Last Thursday business strategy consultant and Fast Company contributor Don Peppers posted an insightful blog on social media envy and competition. To summarize: In 1993 the SEC forced CEOs of public companies to disclose their salaries. Since then, CEO pay has increased exponentially, running contrary to the SEC’s desired effect. Some have theorized that this is due to the fact that CEOs at other companies can now see what their peers are being paid, and in the natural human spirit of competition and envy, need to ensure that they themselves will not be outdone. Peppers postulates that we are now seeing a similar issue occur socially, due to the rise of social networks. Increased transparency into the lives of our peers has led to new competition and envy, as is evidenced by number of Facebook friends, publicly displayed job titles, posted pictures of newly acquired cars or houses, etc.
While Peppers brings to light some important thoughts on the effect of social networks on our personal lives, his argument is logically flawed. The SEC’s mandate forcing transparency led directly to better pay for CEO’s through competition and envy. If followed logically, his reasoning would dictate that increased transparency through social networks would lead to better social existences for users for the same reason. While it is hard to determine quantitatively, I believe it is safe to assume that few have truly better personal lives because of their activity on social networks. A reason for the flaw in Peppers’ argument is that the competition and envy on social networks is not based on the events in one’s life, but on the public self-portrayal of one’s life. Social networks do lead to greater transparency, but it is selective transparency.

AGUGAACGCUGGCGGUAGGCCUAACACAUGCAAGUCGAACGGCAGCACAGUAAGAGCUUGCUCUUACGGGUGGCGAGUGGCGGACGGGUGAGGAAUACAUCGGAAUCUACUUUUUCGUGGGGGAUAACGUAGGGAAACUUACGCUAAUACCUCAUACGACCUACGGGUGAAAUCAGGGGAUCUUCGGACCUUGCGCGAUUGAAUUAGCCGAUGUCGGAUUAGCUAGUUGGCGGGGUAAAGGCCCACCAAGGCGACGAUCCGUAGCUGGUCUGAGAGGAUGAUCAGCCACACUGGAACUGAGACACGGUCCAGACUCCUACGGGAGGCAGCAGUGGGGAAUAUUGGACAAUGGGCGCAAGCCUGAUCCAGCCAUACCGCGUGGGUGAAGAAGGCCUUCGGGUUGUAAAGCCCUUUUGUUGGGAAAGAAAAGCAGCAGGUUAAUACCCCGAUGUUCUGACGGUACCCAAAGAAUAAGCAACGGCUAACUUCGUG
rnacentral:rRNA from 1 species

We are represented online by alter-egos that are more-perfect images of our true selves. We can make ourselves seem smarter by displaying to our friends that we regularly catch up on world affairs via the Washington Post Reader app, but can delete that post of us reading about Snooki’s weight problems. We can convey our coolness by listening to that ultra-hip Childish Gambino track on Spotify which none of our friends have “listened” to yet, but choose to hide the five times we rocked out to “Mumbo No. 5.” A friend tweeted a funny comment that received 20 retweets, so we decide to match his comedic prowess with our own funny tweet, only in our case, nobody liked it. So, we can delete the tweet, as if we never thought it in the first place.
No one is becoming more intelligent, attractive, funny or cool because of social media envy. Instead, the improvement lies in our online avatars, the personal vision of our idealized selves. We remain more humanly flawed; they become more inhumanly perfect. What does that mean for our interactions with each other moving forward? While Peppers’ logic may be faulty, there is another comparison I would like to raise between the end result of the SEC’s mandate and social media transparency. Arguably, now that CEOs are making more than ever before, the corporate salary structure as a whole is adversely affected. As our selectively transparent online avatars become more essential to our social lives, are we as a whole also adversely affected?